Veeco Instruments Inc. (VECO) – Faraz Farzam, CFA
The investment case for Veeco is centered on a dramatic shift in the global lighting industry. Veeco is currently our largest investment in the Information Technology sector.
“After the electric light goes into general use, none but the extravagant will burn tallow candles.”
I was struck by one of Thomas Edison’s least well known but rather clairvoyant quotes as I came across a Pomegranate Noir Luxury Candle by Jo Malone London on Bloomingdale’s website priced at $470. One of the luxuries of modern civilization is the availability, abundance, and ubiquity of lighting. None of us think much about it until an incandescent bulb inevitably and inconveniently burns out.
Edison patented the incandescent bulb in 1879, revolutionizing industry and, indeed, everyday life. It was not until 1939 that the next great innovation in lighting appeared at the New York World’s Fair, the fluorescent lightbulb. These lamps lasted longer and were three times more efficient than the incandescent bulb. According to the Department of Energy (“DOE”), by 1951, more light was produced by linear fluorescent lamps than by incandescent bulbs. It wasn’t until the 1980s that compact fluorescent lights (CFL) were available for residential applications. Which brings us to the LED or Light Emitting Diode. Invented in 1962, LEDs are essentially semiconductor-based technology that turn heated diodes into light. The first LEDs emitted Red light followed by pale yellow and green diodes.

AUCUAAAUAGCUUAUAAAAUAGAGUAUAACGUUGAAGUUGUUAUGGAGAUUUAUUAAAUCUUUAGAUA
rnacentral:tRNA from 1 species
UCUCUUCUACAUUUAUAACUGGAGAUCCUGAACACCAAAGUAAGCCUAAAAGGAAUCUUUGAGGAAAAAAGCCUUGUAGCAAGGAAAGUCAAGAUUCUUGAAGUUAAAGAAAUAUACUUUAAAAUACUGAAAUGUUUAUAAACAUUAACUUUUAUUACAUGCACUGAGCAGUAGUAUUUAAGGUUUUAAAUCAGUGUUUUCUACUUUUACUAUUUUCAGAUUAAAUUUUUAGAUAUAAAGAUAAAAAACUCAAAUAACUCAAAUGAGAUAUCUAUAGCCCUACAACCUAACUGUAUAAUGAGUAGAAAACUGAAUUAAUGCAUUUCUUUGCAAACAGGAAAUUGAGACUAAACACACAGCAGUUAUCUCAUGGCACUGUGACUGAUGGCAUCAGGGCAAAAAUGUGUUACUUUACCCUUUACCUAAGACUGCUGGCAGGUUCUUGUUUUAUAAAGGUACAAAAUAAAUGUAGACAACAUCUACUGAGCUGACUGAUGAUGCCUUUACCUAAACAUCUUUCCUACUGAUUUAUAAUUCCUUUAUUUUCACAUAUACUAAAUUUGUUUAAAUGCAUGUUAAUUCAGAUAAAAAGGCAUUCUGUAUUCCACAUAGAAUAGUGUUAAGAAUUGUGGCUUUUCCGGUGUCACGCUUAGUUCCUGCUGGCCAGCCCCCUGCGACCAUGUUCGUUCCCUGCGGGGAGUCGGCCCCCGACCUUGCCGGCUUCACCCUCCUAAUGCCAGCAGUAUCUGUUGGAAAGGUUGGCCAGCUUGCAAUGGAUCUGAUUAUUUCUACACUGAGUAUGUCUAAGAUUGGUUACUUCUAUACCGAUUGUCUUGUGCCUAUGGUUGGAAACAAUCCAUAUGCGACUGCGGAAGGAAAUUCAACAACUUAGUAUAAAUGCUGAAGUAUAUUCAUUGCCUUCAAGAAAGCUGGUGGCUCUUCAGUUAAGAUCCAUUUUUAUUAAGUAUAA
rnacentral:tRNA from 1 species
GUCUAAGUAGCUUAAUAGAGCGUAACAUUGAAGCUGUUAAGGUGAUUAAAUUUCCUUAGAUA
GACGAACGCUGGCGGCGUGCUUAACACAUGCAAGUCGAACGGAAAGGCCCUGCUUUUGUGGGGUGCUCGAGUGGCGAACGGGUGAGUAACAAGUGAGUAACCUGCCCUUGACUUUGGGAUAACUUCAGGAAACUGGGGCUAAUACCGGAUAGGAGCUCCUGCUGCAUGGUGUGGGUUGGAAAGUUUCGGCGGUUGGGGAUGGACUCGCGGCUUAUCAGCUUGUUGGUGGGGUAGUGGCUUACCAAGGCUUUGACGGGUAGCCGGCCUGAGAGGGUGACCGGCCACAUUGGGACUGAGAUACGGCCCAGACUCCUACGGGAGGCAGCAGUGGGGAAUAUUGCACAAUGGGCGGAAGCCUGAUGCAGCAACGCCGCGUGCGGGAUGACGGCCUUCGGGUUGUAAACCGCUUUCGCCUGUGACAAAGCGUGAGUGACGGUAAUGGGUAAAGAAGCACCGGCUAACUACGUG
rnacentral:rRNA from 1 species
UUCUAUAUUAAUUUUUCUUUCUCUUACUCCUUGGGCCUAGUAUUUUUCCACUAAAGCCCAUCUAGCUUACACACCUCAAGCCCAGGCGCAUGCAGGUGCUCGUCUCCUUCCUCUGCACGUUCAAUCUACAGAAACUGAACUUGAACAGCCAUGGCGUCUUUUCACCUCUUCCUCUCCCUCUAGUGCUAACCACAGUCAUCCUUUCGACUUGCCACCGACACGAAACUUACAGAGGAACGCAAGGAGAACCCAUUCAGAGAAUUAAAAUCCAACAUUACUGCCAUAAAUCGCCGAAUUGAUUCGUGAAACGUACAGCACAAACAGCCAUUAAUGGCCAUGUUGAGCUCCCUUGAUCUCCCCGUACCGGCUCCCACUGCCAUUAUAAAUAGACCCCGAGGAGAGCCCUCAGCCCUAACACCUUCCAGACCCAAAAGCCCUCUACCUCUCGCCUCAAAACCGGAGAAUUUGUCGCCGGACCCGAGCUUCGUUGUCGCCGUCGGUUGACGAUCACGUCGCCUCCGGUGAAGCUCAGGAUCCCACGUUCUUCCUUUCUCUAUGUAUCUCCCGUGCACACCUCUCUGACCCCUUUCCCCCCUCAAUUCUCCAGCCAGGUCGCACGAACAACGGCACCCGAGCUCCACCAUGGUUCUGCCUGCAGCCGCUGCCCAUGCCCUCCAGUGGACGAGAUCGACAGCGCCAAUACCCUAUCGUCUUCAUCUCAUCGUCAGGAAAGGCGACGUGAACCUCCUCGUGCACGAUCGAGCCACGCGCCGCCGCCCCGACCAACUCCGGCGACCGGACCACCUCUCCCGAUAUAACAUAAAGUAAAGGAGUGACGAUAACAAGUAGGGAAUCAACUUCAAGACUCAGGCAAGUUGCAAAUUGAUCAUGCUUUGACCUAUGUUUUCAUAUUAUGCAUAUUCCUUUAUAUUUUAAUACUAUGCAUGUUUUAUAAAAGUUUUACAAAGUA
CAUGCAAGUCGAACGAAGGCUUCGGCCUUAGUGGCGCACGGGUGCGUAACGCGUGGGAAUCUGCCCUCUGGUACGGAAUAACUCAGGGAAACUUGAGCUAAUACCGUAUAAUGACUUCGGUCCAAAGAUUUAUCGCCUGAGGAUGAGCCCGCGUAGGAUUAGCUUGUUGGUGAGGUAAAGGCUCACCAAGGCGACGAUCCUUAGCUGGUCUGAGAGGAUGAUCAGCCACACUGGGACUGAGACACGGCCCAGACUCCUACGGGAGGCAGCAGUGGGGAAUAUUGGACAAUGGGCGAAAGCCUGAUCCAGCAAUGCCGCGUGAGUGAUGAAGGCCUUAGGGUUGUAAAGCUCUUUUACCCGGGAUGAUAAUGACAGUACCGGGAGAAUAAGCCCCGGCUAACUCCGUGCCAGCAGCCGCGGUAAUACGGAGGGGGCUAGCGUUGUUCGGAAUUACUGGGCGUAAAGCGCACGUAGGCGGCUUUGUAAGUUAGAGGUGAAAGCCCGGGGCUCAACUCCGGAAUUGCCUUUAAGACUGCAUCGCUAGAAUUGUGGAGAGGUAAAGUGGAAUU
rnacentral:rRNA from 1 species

Initially, LEDs were used in calculator displays and other small electronic goods in the 1970s. To make LEDs an option for general lighting, researchers had to first develop white LEDs and then drive down cost and efficiency. According to the DOE, since 2008, the cost of LED bulbs has dropped more than 85%. Today, LED bulbs are six-to-seven times more energy efficient than incandescents and cut energy use by more than 80%, lasting 25-times longer in the process.
LED chips used to be relegated to such things as traffic signals, car tail lights, videogames and refrigerator case displays. Now there are nearly 500 billion LED chips produced annually. We believe LED chip demand today is driven by LED lighting applications, which consume roughly 40% of total LED chip demand. Another 40% of demand is driven by display and backlight applications for devices such as LCD TVs and mobile phones. The other 20% of demand comes from applications such as signage and automotive lighting. We estimate the global lighting market today is roughly $80 billion to $100 billion, with LED lighting representing roughly 22% of the market.
We expect LED chip demand to grow at low-double digit pace for the next five years, driven primarily from LEDs used for lighting applications. We believe robust demand for LED lighting units will offset LED applications that have already reached almost 100% penetration rate in display applications for cell phones, smart phones, PCs, notebooks and LCD televisions.